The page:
Kanban vs Scrum—what’s the difference and which should small businesses follow? The two workflow management methods are frequently pitted against each other. In this article, we explore the difference between Scrum and Kanban, and which is best for project management.
Scrum and Kanban are agile frameworks. The goal of both is to define a project management process in which teams can work as effectively as possible.
The role of Agile methods in Australia
‘Agile’ is still a popular buzzword in Australia’s corporate culture, and CEO’s all over the country are applying its techniques to their businesses.
A recent survey by Hays revealed that more than half of Australian employers have restructured their organisation to accommodate for greater flexibility when managing internal projects. As a result, there is a real recruitment focus to hire more talent with experience following agile methods.
Kanban vs Scrum: the similarities
Both of the frameworks support agile methods and are based on the following three principles of lean management:
- Continuous improvement
- Process orientation, and
- Customer and employee focus.
Kanban and Scrum make room for mistakes to happen. Errors are not considered disastrous, but rather as a starting point for improvement. The workflows rely on a continuous and explorative approach to improvement to reduce lead times and minimise wasted work.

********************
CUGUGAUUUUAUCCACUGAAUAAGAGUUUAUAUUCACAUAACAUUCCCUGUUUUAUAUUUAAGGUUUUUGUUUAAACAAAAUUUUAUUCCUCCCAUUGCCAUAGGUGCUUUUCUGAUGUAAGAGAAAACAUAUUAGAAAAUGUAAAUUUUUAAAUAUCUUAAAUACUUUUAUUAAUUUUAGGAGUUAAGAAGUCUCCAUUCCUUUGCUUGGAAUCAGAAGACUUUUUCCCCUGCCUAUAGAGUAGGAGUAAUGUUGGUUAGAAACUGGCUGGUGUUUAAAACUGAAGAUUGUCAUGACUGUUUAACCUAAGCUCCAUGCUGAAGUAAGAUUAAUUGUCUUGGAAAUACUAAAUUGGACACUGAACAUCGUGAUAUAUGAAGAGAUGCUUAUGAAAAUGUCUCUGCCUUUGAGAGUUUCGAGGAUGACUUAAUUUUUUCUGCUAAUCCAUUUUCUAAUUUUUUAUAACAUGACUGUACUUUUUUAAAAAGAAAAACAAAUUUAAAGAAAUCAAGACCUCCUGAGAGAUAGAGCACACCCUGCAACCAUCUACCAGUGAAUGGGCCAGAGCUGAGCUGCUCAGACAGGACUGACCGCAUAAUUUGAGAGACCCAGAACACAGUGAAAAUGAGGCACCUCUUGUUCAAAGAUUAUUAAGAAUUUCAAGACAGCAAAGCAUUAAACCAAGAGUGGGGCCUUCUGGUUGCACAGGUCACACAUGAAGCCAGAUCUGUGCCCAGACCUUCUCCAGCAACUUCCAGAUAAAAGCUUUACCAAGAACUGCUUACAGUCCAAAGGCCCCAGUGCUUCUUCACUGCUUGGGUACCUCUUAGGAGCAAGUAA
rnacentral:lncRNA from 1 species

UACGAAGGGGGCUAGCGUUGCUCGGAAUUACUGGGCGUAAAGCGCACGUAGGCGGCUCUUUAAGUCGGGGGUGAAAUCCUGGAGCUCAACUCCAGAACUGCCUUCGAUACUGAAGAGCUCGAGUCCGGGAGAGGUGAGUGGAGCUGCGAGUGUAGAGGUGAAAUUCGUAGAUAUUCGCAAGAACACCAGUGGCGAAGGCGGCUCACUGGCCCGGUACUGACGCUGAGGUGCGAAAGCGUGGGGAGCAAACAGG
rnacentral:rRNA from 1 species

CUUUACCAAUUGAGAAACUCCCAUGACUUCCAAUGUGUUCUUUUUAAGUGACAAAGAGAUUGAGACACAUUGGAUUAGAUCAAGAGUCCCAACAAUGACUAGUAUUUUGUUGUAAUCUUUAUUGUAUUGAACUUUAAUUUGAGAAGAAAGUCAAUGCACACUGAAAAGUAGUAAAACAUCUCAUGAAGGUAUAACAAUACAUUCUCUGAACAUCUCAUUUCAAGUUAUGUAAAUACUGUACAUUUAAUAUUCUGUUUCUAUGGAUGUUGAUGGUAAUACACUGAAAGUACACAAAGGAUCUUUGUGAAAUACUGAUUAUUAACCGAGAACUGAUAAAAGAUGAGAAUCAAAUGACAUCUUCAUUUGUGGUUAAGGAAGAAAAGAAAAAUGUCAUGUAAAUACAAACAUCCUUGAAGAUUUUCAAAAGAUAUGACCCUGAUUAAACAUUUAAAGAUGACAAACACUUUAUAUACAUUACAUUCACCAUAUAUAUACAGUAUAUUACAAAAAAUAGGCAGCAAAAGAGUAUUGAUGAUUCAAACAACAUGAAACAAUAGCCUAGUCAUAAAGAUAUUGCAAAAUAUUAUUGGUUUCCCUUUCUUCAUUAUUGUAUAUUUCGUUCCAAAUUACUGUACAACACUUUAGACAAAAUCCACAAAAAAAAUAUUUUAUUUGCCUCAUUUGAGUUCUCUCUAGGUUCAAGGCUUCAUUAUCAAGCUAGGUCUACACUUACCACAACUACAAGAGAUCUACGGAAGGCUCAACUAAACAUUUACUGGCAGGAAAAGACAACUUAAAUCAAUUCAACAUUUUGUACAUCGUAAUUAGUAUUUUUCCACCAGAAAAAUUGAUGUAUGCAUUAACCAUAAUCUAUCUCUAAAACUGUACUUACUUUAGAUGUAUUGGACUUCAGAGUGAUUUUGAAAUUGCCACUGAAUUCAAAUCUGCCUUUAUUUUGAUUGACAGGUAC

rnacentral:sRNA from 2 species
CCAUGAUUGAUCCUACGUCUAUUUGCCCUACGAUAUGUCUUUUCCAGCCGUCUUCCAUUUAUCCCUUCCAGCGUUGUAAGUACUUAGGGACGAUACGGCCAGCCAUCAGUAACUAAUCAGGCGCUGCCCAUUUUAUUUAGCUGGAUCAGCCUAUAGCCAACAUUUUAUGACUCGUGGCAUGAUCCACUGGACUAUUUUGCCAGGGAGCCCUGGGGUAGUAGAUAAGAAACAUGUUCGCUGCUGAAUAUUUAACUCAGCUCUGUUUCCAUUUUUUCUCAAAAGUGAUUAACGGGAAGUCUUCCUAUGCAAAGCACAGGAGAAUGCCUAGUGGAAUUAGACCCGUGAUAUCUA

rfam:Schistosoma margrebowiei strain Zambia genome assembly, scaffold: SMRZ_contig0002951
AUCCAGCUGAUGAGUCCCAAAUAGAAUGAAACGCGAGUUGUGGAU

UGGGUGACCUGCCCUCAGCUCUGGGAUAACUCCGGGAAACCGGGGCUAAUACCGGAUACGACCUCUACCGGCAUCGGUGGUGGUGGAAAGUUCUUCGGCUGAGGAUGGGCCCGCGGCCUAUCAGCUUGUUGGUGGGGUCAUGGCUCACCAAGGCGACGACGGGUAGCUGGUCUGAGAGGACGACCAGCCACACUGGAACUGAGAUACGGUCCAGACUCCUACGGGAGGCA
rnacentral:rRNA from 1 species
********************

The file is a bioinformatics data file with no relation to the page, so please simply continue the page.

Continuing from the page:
Scrum and Kanban rely on the ‘pull’ principle—a method that enables the team to pick up tasks as their capacity allows, and only when there is customer demand for it. The goal should always be to prioritise the requirements with the highest possible value for the customer, rather than the tasks the team like the most!
Agile methods are also characterised by their flexibility. Both variants are not conditioned to adhere precisely to a plan but to make timely changes and adjustments in the customer’s interest.
Lastly, both approaches strive to design the process so that it comes to fast results.
The difference between Scrum and Kanban
Scrum is more rigid than Kanban because it contains a greater amount of rules and procedures.
Scrum is based on doing iterations in a set timeframe (called timeboxes). Although the length of the timeboxes can initially be varied, they should remain constant over a longer period to establish a certain degree of regularity among team participants.
Kanban does not provide a timeline or timeboxes. So it’s up to you when you plan, reflect, improve or deliver the process. However, it proves useful in practice to establish a certain rhythm or flow here as well.
Although both methods look at change as the norm, they have different approaches to it. In Scrum, the tasks are fixed during a sprint length (usually 1-4 weeks), whereas changes in Kanban can be continuously recorded and integrated into the workflow.
The three roles Product Owner, Scrum Master and Development Team are mandatory in Scrum. Kanban does not provide binding roles, but you can also find equivalents in the Kanban environment for the Product Owner role. For example, Flowmaster or Product Manager.